Faculté des sciences

Host stage preference and sex allocation in Aenasius vexans, an encyrtid parasitoid of the cassava mealybug

Bertschy, Catherine ; Turlings, Ted C. J. ; Bellotti, Anthony ; Dorn, Silvia

In: Entomologia Experimentalis et Applicata, 2000, vol. 95, no. 3, p. 283-291

The solitary endoparasitoid Aenasius vexans Kerrich (Hymenoptera: Encyrtidae) is used for augmentative releases against the cassava mealybug, Phenacoccus herreni Cox & Williams (Sternorrhyncha: Pseudococcidae), an important pest on cassava in South America. In light of the need for large numbers of high quality females, experiments were conducted on host stage suitability and sex... Plus

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    Summary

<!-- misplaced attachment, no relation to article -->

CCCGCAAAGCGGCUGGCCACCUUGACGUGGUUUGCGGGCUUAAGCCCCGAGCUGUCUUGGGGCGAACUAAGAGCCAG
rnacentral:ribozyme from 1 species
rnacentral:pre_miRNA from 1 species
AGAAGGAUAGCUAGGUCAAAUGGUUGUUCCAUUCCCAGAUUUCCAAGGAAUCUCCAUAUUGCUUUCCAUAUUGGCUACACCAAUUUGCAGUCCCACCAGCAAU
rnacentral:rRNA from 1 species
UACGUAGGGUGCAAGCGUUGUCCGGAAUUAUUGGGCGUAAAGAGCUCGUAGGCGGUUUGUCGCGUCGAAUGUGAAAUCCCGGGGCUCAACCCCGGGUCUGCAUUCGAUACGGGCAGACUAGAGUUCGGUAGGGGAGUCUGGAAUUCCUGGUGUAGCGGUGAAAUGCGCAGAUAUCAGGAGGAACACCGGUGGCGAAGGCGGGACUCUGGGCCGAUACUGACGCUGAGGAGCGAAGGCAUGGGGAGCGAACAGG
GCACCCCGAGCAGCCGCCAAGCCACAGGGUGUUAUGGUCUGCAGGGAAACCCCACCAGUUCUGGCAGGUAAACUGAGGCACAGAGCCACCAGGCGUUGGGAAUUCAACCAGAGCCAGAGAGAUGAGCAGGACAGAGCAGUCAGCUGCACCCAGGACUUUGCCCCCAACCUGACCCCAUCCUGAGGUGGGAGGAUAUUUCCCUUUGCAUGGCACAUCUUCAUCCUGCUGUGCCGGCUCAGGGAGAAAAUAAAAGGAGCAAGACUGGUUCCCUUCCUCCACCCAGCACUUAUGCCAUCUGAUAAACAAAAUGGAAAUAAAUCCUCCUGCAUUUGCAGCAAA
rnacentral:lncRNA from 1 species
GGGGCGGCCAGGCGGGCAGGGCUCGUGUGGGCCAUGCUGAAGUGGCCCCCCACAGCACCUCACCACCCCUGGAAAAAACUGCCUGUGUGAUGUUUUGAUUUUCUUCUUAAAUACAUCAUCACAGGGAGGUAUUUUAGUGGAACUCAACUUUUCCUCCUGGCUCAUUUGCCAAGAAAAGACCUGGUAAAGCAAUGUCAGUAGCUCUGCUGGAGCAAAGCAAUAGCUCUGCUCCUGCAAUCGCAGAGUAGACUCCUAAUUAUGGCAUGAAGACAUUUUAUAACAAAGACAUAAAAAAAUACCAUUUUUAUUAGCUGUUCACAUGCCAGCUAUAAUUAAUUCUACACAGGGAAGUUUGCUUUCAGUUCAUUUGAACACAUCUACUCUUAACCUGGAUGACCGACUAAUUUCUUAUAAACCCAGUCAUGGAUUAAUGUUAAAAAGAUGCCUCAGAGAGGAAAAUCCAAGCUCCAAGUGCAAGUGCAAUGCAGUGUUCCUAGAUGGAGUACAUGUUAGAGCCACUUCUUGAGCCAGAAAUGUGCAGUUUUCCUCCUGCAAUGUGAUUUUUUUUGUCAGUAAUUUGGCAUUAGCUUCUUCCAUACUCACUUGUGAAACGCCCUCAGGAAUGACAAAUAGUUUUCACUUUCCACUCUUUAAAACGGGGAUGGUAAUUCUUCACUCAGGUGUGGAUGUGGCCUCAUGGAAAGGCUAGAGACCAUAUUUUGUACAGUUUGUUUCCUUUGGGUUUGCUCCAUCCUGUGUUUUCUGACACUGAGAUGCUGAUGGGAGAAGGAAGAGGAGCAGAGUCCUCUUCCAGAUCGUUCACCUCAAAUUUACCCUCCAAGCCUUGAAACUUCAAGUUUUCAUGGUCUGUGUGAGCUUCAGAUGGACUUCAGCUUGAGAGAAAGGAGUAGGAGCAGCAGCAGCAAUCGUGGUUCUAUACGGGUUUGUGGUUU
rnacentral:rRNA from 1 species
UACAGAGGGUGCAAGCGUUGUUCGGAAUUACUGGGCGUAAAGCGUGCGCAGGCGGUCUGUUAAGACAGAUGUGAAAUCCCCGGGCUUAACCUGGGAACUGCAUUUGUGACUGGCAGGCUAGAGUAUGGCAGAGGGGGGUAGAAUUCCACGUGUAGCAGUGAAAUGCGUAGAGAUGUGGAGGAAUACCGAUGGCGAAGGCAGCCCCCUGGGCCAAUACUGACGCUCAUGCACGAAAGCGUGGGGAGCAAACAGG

The solitary endoparasitoid Aenasius vexans Kerrich (Hymenoptera: Encyrtidae) is used for augmentative releases against the cassava mealybug, Phenacoccus herreni Cox & Williams (Sternorrhyncha: Pseudococcidae), an important pest on cassava in South America. In light of the need for large numbers of high quality females, experiments were conducted on host stage suitability and sex allocation. In choice and no-choice experiments, individual female wasps were offered second and third instar, as well as adult, hosts. During the first five days after emergence, the wasps showed a steady increase in the number of hosts they successfully parasitised per day, but the respective secondary sex ratio for each instar remained constant. Parasitism was highest for third instar hosts in no-choice tests, while in choice tests parasitism was highest in both third instars and adults. The later the developmental stage of the host at oviposition, the faster the parasitoids developed and emerged, and for each host stage, the development time of males was shorter than for females. The sex ratio of the wasps emerging from hosts that were parasitised as second instars was strongly male-biased, while the apparently preferred later stages yielded significantly more females than males. Female and male A. vexans emerging from hosts parasitised at the third instar were significantly larger than for the other stages. This may explain the preference for the third instar as well as the female-biased sex ratio, as size is usually positively correlated with higher fitness, especially in females. The results suggest that third instar hosts are the most suitable for rearing high numbers of large females.